How Technology Is Opening The Way for Financial Inclusion Of World’s 2 Billion Unbanked



Consider some of the services you probably rely on your bank to provide: safekeeping, payments processing, and the occasional credit. Your bank also likely facilitates certain intangibles: your sense of financial inclusion, job market participation, and household security. Without these you would easily be vulnerable to potential exclusion and economic prejudice.

Access to basic financial services is so critical to security and development that it is listed as the top target set forth in the UN Sustainable Development Goals to end poverty. For more than 2 billion people banking services still remain out of reach (source: World Bank). Traditional banking services may be complex, expensive, and difficult to access. Barriers include lack of local banking infrastructure within reasonable distance and high expenses to open accounts. In addition, some 1.5 billion people lack the necessary personal identification documents to open a bank account (source: World Bank) – preventing them from taking even the most basic steps to integration.


More than 2 billion people lack banking services

Humaniq, a London-based fintech startup, is a next-generation bank offering solutions for the world’s unbanked population. Combining its vision for economic empowerment and community building with the latest innovations in blockchain technology, mobile, biometrics, and artificial intelligence, Humaniq aims to provide a technology platform for financial inclusion services for those who lack practical, affordable banking solutions.

Dinis Guarda, CEO of Humaniq, is a vocal proponent of global sustainability initiatives. In founding Humaniq, he joined with fellow co-founders Alex Fork and Dimitry Kaminsky to seek a way to use advanced technologies to solve humanity’s most pressing challenges. “The biggest challenge at the moment is that a big proportion of the world’s population is filtered-out from the technology around them. They don’t see the future of work and all the disruption that is going on,” explains Guarda. “At the same time, we have new disruptive technologies, a lot of them foundational technologies, like blockchain, as well as IoT and AI. These technologies are creating a fast transformation in the way we consume information, the way we deal with our economic and social models, and the way we deal with economics.”

Integrating Mobile, Biometrics, and Blockchain Technology

While almost half of the world’s population lacks basic financial services, a sizable portion owns a mobile phone. Humaniq’s specialty – which distinguishes it from simply being yet another mobile wallet app – is its innovative combination of mobile technology, biometrics, and blockchain technology. To access Humaniq’s app, all that will be required of a user is a mobile phone with a camera.

The use of biometric identification offers a twofold advantage. On the one hand, it simplifies the user experience, so that even a novice can use the service. One the other, biometrics provide a sophisticated layer of security through facial recognition algorithms and neural networks that can verify user identity upon each login. This concept, known as proof of face, is based on a series of photos, video recordings of facial gestures, and the user’s speech. “Biometric, because from the UI and UX we want to make sure it is possible for anyone to use it,” says Guarda. “Especially in India, there is a study showing approximately 1 billion people who do not exist in terms of documentation; so we want to make sure through biometrics that we can integrate people in the digital economy.”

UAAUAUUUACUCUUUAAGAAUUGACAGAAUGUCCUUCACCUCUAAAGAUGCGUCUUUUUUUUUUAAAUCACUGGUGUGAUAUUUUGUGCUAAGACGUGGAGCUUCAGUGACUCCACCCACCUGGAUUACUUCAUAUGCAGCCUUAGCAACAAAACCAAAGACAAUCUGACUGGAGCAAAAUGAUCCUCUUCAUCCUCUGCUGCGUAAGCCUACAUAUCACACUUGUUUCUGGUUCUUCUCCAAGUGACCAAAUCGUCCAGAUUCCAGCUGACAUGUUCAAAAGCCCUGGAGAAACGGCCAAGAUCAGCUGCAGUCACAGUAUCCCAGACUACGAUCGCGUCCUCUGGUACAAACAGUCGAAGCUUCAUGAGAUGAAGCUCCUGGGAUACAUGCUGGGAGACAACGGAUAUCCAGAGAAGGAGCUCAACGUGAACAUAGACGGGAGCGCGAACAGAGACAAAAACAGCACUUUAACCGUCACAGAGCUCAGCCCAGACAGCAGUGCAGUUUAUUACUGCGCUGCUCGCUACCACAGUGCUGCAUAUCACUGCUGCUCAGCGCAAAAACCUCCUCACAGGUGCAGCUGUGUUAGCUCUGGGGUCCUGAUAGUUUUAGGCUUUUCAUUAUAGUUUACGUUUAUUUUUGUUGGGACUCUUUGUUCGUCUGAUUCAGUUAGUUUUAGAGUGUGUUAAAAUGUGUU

Priority on Building a Solid Community

Established in July 2016, Humaniq has moved swiftly to build a sustainable business model as well as a technology model that supports expansion of its platform and ecosystem. In April, the startup achieved a major milestone with the initial coin offering (ICO) of its HMQ token. The sale attracted 12,000 investors and netted close to USD$5.2 million. “With this, we are now building the beta version of our app,” says Guarda. “We did our first pilot project in India. With these pilot projects, we are testing the technology, and as we get a much bigger capacity to understand [users’] needs, we are going to scale these and take things to the next level.”

Users of the Humaniq app will hold HMQ tokens as the chief value denomination within the community. These tokens will be exchangeable into bitcoins, and then into dollars, euros, or other standard currencies. Two crypto-exchanges already accept HMQ tokens. As the community grows and becomes more sustainable, it is expected that it will become much easier to exchange tokens than to go through currencies and traditional exchanges. Community is an integral part of Humaniq’s mission. “The challenge of building a solid community is essential, because if we don’t build a solid community, it won’t scale,” says Guarda.

In July, Humaniq plans to make its service available via pilot projects in Africa, Asia, and South America. Ultimately, the service will be available to anyone anywhere, facilitating an exchange between the developed world and developing countries; so that, for example, someone working in Germany will be able to send money back to her family in Africa. Guarda says, “We want to make sure that Humaniq is not merely an app, but a social-good ecosystem for humanity.”


This story originally appeared on the SAP News Center.



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